Tag Archives: Storytelling Podcast

My Story: Once Upon a Midnight Summer

midnightMy story today is set in the same way all parents tell stories to their children: With certain details omitted. What you want your children to know and what actually happened are two completely separate stories:

Of course, there is a flip side to this story: One of perpetual light in which the birthrate dropped a bit and people were less likely to have one-night stands when faced with a potential lover in the bright accusing light of day outside a bar. But I’ve never met someone from the opposite side of the world to tell me that story. And I really don’t want to tell my children about one-night stands so close to bedtime. Sex education should take place in the daylight.

Listen to Once Upon a Midnight Summer and tell me what you would change about your life if it was suddenly left in darkness.

That’s my story. Tell me one of yours.

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My Story: A Brilliant Shade of Blue

blueskySometimes a story buzzes around in my head for a while before I am able to get it right — this is certainly the case with my story for today. I like to ask people what their first memories are of. For some people it’s just a fleeting impression and for others it is in amazing clarity with lots of details.

Christine’s first memory was a flood of orange juice. The cascading fall of it as it slipped out of her grasp and spread into a large puddle in front of the fridge, the pulpy bits lodging themselves between her toes. Why mom kept it in that glass pitcher, she never thought to ask. Her mother was the one who found Christine standing in the juice puddle, and she lifted her onto the sink counter to wash her ankles and toes with warm water.

Listen to A Brilliant Shade of Blue. And tell me what you would think about if you had the time to sit still with your own thoughts.

That’s my story. Tell me one of yours.

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My story: Waking up with Strangers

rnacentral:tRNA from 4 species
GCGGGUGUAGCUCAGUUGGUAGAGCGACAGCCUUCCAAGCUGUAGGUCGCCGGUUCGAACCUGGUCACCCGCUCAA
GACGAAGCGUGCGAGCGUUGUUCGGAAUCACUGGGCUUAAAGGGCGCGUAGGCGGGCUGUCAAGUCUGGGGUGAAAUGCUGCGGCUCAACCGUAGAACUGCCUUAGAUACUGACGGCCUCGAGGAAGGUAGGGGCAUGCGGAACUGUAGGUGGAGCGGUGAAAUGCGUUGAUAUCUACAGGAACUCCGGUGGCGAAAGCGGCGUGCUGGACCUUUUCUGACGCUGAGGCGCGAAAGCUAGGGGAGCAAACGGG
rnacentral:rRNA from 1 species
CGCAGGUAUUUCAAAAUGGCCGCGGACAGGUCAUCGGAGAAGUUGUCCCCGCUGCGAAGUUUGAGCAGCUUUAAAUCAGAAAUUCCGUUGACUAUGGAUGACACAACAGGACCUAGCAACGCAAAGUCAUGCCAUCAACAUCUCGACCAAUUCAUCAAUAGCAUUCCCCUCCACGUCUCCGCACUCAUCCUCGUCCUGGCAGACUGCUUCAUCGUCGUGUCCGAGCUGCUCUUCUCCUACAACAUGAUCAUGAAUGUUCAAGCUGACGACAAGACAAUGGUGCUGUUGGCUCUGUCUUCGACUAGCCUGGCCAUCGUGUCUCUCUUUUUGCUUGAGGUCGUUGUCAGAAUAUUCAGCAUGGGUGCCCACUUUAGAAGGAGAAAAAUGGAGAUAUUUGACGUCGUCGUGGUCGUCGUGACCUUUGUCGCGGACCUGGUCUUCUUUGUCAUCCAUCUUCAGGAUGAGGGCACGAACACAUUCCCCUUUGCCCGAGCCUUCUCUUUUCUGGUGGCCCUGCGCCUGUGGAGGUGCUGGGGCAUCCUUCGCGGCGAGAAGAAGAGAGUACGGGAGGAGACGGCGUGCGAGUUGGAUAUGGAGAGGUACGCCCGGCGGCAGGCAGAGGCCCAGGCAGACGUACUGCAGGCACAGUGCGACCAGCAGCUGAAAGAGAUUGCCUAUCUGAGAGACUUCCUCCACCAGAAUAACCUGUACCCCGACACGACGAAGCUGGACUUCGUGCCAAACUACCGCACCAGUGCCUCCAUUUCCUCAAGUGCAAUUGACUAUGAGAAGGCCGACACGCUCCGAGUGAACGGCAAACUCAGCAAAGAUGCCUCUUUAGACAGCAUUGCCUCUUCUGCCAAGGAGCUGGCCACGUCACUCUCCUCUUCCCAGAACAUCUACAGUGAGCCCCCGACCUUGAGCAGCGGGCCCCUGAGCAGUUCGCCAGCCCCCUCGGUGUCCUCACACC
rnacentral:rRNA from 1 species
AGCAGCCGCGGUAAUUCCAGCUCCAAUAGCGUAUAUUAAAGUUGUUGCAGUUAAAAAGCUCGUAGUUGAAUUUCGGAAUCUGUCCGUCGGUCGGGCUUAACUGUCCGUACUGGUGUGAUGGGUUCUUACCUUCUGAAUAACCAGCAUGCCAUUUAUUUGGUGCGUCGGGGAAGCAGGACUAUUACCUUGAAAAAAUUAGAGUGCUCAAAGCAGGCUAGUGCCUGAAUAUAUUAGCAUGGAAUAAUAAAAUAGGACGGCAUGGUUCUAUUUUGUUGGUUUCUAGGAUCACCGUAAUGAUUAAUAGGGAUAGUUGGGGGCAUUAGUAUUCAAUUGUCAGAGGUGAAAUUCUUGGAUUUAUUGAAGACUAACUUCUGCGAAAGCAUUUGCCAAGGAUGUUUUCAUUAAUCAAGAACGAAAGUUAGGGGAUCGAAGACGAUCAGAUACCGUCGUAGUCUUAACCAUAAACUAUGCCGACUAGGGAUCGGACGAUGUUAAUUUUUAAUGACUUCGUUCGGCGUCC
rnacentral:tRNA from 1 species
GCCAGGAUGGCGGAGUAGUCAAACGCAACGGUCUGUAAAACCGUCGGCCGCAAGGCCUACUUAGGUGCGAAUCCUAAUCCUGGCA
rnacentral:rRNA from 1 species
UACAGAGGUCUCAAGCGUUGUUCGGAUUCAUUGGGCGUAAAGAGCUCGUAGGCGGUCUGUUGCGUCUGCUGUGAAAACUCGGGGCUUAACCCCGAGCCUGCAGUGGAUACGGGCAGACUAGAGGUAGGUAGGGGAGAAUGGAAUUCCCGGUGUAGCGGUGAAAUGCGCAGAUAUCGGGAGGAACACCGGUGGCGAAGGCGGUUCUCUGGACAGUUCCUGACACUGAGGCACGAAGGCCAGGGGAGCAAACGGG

My story may require an alarm clock.My story today has a happy ending.

A lot of my storytelling podcast posts don’t have a happy ending. I think that is part of the problem with stories — outside of certain genres (romance novels, fairy tales), most stories don’t have a happy ending. In Waking up with Strangers, however, the listener can be assured a happy ending — it may just be the rest of the story that they have a problem with.

Do you like happy endings to stories?

That’s my story. Tell me one of yours.

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My story: Woman with Eggs on Bus

My story title will make sense later.My story today has an unusual title, but stay with me.

This storytelling podcast explores that cast of background characters that seem to follow people in their daily lives. You see the same faces everywhere — on your morning commute, in line at the supermarket or even just walking along the street. In Woman with Eggs on Bus, we find that the background characters can lead some of the most interesting lives.

It occurs to Harriet that if she should die, she should probably leave her parents a note about the small plastic gnomes in the bottom drawer of her kitchen. The drawer wasn’t always devoted to gnomes – at one point it contained pots and pans. But then there was that Black Friday six years ago where she was trolling an online auction site and found a gross of them for sale.

Maybe this story will inspire you to reach out to those near strangers and say hello.

That’s my story. Tell me one of yours.

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My story: The End of Jealousy

My story today is about jealousyMy story today is a bit more literary than usual.

In Othello, jealousy drives the main characters to acts of deceit, betrayal and violence. At the most extreme end of the spectrum, Iago is a man no one wants to become. In The End of Jealousy, Hannah regards Iago and the other characters as a pipe dream. She teaches the words of Othello over and over again, but can’t relate to the emotion behind them – jealousy is an emotion that only exists on paper.

Tomorrow her students will face the death of Desdemona and, eventually, of Othello, too. Hannah will do her best to answer their questions about motives, but she will end the day with the same bittersweet sense of triumph and failure as she does every year. In two days’ time, her students will be happy to return to reading Walden, or at least as happy as her students are to be reading anything, and Hannah will return her beloved copy of Othello to her nightstand shelf at home.

That’s my story. Tell me one of yours.

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